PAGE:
Chapter 2：Response Phase
With the emergence of the first case of local infection, Hong Kong had to continuously guard against imported cases from abroad, while striving to cut the community transmission chains and to avoid the healthcare system from being overloaded. The epidemic situation in Hong Kong had been fluctuating, and the loopholes in disease prevention were located and fixed with experience from different clusters of infected cases. Still, the pandemic continued to ravage the world and new variants of the virus appeared one after another. People gradually realized that they were to face a long-running battle against the epidemic, and began to think about long-term and sustainable strategies, such as:
Government and public organizations
Commercial and private sectors
However, as the battle against the epidemic went on, the mental health of citizens was observed to be affected. Here were some of the factors that might lead to negative emotions and hence affect people’s physical and mental health:
|Restrictions brought by the epidemic and response measures
||Impacts on daily life and mental health
|Economic downturn and rising unemployment rate
Financial burdens and work pressure
Decreased Life satisfaction due to restricted Interpersonal communication
|Long-term home quarantine
Physically inactive and sedentary lifestyle increased conflicts between family members and physically inactive and sedentary lifestyle due to limited space for activities
|Restrictions on public services and facilities such as schools, support services for children, residential care homes, and medical care services
Less support for caregivers and difficulties in work due to caretaking of family members in need
A study revealed that after experiencing the social events in 2019 and the unprecedented epidemic following by, more than 40% of the Hong Kong respondents reported symptoms of depression, anxiety and post-traumatic stress disorder. More than 25% of the respondents from another study stated that their mental health had deteriorated since the outbreak of epidemic. The surge in the number of school case referrals after the resumption of face-to-face classes also reflected that children’s mental health problems and family issues were increasingly severe during the epidemic.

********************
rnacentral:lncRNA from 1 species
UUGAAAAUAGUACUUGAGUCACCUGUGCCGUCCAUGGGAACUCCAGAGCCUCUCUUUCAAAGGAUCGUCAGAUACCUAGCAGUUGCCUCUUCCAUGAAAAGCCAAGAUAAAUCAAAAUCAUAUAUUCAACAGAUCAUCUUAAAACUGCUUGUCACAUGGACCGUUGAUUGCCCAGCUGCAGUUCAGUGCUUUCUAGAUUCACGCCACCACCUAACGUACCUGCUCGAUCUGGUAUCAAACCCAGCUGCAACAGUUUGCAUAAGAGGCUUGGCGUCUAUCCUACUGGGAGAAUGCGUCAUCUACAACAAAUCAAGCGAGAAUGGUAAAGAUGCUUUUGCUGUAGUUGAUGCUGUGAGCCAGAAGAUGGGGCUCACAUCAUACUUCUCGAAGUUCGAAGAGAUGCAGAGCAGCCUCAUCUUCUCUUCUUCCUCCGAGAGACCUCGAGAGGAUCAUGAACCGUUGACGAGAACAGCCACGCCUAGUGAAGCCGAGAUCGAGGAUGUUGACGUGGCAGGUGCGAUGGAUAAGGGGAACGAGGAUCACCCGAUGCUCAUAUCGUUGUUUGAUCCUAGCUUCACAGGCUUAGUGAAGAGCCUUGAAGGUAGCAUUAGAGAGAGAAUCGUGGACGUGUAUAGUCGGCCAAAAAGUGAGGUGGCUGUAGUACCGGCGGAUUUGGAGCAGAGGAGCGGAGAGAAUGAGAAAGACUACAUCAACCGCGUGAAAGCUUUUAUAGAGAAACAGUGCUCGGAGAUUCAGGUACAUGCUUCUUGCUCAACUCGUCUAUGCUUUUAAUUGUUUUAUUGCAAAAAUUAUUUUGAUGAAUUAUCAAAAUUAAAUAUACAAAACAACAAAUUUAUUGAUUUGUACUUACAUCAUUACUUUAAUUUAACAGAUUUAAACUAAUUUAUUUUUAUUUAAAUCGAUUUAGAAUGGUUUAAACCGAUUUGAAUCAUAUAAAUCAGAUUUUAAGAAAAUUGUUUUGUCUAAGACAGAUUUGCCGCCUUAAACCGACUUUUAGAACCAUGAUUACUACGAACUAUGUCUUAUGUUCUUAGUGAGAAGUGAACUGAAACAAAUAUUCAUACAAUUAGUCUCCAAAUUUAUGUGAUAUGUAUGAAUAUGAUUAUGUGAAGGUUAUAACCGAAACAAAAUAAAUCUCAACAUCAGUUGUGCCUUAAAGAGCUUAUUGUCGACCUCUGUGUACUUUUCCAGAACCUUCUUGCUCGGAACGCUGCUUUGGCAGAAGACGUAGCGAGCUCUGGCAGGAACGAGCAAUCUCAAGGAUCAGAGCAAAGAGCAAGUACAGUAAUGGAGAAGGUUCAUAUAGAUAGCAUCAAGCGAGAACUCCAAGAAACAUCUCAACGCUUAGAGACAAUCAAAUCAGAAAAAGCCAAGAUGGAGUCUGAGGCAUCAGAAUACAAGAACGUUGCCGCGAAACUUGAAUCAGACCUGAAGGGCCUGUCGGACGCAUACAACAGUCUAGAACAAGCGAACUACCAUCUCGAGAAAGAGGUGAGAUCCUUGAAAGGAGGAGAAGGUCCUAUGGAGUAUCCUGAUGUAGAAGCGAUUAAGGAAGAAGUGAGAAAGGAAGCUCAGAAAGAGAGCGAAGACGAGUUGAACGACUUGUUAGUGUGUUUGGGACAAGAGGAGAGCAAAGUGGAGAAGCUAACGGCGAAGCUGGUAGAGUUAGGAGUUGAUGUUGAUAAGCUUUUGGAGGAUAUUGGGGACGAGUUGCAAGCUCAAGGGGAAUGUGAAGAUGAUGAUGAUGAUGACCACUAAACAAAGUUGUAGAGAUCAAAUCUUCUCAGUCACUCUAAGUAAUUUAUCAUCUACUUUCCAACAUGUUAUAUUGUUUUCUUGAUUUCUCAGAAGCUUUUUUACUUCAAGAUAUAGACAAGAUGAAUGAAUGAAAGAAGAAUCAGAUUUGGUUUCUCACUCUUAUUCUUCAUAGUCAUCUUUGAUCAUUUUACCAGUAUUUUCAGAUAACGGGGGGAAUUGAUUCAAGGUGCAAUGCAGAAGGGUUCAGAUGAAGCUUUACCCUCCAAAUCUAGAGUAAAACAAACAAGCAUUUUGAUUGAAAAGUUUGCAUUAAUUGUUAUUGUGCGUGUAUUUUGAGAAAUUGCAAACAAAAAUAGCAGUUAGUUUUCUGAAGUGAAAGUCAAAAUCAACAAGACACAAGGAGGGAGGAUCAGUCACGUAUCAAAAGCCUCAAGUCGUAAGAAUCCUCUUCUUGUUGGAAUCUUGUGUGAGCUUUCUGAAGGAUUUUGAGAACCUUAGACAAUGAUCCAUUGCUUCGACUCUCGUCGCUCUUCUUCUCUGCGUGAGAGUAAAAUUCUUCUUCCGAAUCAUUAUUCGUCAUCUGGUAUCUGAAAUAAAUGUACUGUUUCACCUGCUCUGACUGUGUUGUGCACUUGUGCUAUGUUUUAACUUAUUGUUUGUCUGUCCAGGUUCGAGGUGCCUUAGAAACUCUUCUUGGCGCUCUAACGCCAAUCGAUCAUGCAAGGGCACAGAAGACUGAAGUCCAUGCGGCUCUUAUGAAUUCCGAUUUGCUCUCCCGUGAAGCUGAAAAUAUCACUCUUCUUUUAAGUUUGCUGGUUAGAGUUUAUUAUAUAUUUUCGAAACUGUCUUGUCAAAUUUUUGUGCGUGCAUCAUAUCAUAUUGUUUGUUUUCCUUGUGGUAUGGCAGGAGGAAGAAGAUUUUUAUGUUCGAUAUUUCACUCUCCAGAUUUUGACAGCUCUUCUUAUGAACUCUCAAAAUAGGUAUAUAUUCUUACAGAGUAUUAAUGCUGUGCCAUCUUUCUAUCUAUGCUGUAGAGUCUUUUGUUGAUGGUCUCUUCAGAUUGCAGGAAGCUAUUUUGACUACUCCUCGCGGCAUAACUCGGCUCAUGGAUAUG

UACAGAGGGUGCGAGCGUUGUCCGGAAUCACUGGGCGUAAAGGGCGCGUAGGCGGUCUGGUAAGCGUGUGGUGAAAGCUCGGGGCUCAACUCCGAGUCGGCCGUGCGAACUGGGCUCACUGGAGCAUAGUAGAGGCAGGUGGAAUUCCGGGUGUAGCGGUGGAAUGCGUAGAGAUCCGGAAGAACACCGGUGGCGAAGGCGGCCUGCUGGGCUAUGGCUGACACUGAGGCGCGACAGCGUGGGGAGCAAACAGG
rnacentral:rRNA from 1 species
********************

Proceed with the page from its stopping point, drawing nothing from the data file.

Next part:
Health care professionals were at the forefront of the fight against the epidemic for an extended period of time. They faced a high risk of infection at work and were subject to stricter measures on personal protection and infection control. Therefore, they inevitably accumulated much pressure. Some overseas studies pointed out that health care professionals were more susceptible to mental health problems and burnout, which affected their personal health and work performance.
The above review reflects that during the epidemic, the public's need for certain public services may be more pressing than usual. Certainly, suspending all non-emergency public services in the early stage of the epidemic did help curb the outbreak in the community. However, when the fight against the epidemic extended, it was important to redefine what "essential" public services are. Some public services on the premise of meeting the requirements of disease prevention might be resumed in order to strike a balance between outbreak control and the public's mental health. Various institutions might also take this as an opportunity to explore new service models, for example, the development of contactless services or telecare.